Tech

Microsoft Outsourcing AI to OpenAI, Google Stays Solo

Microsoft outsources AI development to OpenAI with $13 billion investment, potentially benefiting Google's self-reliant R&D.

By Alex P. Chase

6/10, 07:22 EDT
Alphabet Inc.
Microsoft Corporation
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Key Takeaway

  • Microsoft is outsourcing AI development to OpenAI, investing $13 billion, potentially reducing its role to a "consultancy."
  • Google remains self-reliant in AI R&D but faces challenges like the Gemini chatbot's inaccuracies, impacting its search dominance.
  • Significant investments in AI raise competition and regulatory concerns, potentially consolidating control among major tech companies.

Microsoft Outsourcing AI Development

Microsoft is reportedly outsourcing the development of its top artificial intelligence (AI) tools and software to OpenAI, according to Todd McKinnon, CEO of identity security firm Okta. This move could potentially benefit Google's position in the AI market. McKinnon highlighted that Google has been more self-reliant in its AI research and development (R&D), particularly with the creation of transformers, which are deep-learning models that understand context by tracking relationships in sequential data, such as words. "This all came from Google, with DeepMind and the research," McKinnon said. "The breakthrough was the research from Google, the transformers which are the algorithm that all these LLMs [large language models] are using to make these big advancements."

Microsoft has invested heavily in OpenAI, with its total investment reportedly reaching $13 billion. In January 2023, Microsoft stated that its investment would "accelerate AI breakthroughs to ensure these benefits are broadly shared with the world." However, McKinnon expressed concerns that Microsoft's role in AI might be reduced to that of a "consultancy." He remarked, "Imagine working at Microsoft. OpenAI is over there making all the exciting stuff. It’s almost like Microsoft is going to turn into a consulting company."

Google's AI Challenges

Despite its pioneering role in AI research, Google has faced several setbacks in its AI initiatives. Last year, Google unveiled its Gemini AI chatbot, initially called Bard, which faced criticism after an ad on social media site X showed it giving an incorrect answer to a user question. More recently, Google Gemini started creating ahistorical images from prompts about history, leading Google to pull its Gemini image generator tool for pictures of people while it investigates a fix.

Google's AI efforts are crucial as the company aims to maintain its dominance in search. The rise of AI chatbots like ChatGPT, developed by OpenAI and backed by Microsoft, poses a threat to Google's search business. McKinnon noted that Google's AI R&D efforts are more organic compared to Microsoft's reliance on OpenAI. "Google is probably doing the best job of actually not having to outsource their R&D," he said.

Investment and Competition Concerns

The development of AI technologies has required substantial investments from major tech companies. McKinnon pointed out that AI is different from previous technology cycles, such as personal computers and cloud computing, which were more disruptive and did not necessarily favor the largest companies. "There’s no new AI model that’s like a toy. The only reason OpenAI can get it working is because the great R&D that they needed — $10 billion from Microsoft, to run the model — that wasn’t like a disruptive thing, that was a $10 billion investment," he explained.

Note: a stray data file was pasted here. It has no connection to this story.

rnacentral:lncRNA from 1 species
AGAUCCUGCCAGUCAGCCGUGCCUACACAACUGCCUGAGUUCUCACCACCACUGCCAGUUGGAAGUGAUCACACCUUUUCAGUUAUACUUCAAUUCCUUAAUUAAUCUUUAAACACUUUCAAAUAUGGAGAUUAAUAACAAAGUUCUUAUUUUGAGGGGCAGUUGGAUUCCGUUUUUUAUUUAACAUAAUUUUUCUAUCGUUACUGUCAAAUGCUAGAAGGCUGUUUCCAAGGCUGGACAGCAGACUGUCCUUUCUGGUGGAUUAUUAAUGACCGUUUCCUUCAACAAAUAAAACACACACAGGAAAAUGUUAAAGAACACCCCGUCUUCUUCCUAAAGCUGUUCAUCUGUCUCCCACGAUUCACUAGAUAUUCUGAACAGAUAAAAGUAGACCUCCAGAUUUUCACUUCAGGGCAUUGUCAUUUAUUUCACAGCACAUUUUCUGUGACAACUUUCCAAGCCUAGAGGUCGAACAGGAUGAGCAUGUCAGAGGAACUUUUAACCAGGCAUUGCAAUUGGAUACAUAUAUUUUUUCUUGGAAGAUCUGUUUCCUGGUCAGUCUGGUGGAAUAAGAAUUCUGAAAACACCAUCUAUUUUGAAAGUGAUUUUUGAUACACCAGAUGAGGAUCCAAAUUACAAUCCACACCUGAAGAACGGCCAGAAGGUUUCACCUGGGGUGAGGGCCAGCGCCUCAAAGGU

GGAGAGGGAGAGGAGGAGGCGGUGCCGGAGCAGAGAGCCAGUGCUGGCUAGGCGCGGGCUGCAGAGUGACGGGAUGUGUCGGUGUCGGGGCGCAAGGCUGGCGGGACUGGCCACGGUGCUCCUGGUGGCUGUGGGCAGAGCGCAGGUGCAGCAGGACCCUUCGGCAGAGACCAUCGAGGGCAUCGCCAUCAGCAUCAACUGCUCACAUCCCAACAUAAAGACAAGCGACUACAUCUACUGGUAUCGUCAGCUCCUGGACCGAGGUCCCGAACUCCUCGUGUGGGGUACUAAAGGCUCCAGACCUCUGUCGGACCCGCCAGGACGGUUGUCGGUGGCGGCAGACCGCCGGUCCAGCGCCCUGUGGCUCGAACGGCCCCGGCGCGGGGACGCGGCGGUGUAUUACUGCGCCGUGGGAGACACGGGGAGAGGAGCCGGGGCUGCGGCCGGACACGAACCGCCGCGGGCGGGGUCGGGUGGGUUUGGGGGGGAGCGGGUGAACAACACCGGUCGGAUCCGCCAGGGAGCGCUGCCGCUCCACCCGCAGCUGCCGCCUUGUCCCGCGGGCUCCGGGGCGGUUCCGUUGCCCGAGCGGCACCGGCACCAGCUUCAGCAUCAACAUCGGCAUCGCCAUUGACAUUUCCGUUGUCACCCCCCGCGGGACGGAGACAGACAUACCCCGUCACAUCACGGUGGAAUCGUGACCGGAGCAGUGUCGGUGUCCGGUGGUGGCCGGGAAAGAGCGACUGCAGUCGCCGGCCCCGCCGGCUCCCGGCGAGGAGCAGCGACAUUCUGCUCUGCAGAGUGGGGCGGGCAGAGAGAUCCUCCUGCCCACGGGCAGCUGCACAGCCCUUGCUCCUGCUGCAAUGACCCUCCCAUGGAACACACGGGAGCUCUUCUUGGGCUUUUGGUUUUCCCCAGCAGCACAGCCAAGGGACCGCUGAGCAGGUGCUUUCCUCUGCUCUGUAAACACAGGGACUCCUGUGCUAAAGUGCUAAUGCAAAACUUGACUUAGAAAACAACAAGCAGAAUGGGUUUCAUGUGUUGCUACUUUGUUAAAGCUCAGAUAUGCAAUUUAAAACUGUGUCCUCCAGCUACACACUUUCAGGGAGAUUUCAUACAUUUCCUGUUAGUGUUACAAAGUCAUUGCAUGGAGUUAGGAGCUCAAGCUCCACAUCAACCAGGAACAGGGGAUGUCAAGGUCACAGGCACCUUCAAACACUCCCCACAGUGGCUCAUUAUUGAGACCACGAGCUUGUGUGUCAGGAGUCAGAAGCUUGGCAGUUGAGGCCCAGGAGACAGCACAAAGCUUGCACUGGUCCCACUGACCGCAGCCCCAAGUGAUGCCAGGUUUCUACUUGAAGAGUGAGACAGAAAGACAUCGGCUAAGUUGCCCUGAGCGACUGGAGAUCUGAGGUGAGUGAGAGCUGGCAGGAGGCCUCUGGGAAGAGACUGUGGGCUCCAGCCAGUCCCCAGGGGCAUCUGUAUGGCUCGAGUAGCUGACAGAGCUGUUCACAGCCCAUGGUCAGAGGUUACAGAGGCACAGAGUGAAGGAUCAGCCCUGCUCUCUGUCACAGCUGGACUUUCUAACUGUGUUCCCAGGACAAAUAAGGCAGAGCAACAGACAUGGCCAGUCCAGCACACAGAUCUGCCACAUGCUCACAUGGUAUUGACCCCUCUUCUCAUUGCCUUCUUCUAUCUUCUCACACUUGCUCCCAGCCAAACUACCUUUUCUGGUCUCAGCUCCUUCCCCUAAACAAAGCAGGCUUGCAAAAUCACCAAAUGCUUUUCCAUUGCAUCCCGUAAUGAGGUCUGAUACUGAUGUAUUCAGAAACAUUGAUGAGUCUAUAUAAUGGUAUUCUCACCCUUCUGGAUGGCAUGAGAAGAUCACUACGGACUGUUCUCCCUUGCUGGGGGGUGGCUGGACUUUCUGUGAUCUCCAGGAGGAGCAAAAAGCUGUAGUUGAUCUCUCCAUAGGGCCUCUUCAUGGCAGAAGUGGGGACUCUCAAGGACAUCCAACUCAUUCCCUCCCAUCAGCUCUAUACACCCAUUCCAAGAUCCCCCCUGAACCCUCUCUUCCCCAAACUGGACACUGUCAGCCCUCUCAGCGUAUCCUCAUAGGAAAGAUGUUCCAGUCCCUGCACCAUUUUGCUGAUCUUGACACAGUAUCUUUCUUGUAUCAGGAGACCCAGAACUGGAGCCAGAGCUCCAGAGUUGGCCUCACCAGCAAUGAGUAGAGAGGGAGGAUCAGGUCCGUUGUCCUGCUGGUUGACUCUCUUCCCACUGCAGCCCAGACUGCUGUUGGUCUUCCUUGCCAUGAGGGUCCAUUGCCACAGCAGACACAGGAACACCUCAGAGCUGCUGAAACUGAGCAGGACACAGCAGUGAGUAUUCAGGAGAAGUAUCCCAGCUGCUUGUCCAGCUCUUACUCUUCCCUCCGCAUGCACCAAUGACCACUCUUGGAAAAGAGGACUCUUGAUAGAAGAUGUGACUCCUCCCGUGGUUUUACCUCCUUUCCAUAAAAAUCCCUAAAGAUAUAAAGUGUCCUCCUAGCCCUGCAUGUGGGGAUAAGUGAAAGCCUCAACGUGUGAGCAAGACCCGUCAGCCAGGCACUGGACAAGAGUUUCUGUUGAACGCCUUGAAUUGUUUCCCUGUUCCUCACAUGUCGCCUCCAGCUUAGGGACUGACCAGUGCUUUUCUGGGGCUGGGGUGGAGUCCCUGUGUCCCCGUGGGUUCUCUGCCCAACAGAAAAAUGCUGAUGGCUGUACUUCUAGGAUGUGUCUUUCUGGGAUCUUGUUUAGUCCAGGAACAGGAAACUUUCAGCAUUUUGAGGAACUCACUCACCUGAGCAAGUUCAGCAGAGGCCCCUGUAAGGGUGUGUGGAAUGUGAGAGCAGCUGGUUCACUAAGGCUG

These significant investments have raised competition concerns. McKinnon warned that the biggest risk for the cybersecurity industry is that AI issues stemming from major tech companies, such as disinformation, could "stunt the progress in technology." He added, "The potential [for] artificial intelligence is really high," but also cautioned, "I actually expect the swing of regulation to go so far that we leave only the biggest, most powerful companies in control of AI."

Street Views

  • Todd McKinnon, CEO of Okta (Neutral on Google's AI capabilities):

    "Google looks to defend its position in search, it is probably doing the best job of actually not having to outsource their R&D... This all came from Google, with DeepMind and the research. I mean, the breakthrough was the research from Google, the transformers which are the algorithm that all these LLMs [large language models] are using to make these big advancements."

  • Todd McKinnon, CEO of Okta (Bearish on Microsoft's AI strategy):

    "There’s a risk Microsoft’s position in AI becomes reduced to that of a consultancy... Imagine working at Microsoft. OpenAI is over there making all the exciting stuff. It’s almost like Microsoft is going to turn into a consulting company."

  • Todd McKinnon, CEO of Okta (Cautiously Optimistic on Big Tech's investment in AI):

    "The potential [for] artificial intelligence is really high... The biggest risk for the cybersecurity industry going forward is that AI issues stemming from digital giants — such as disinformation — will stunt progress in technology."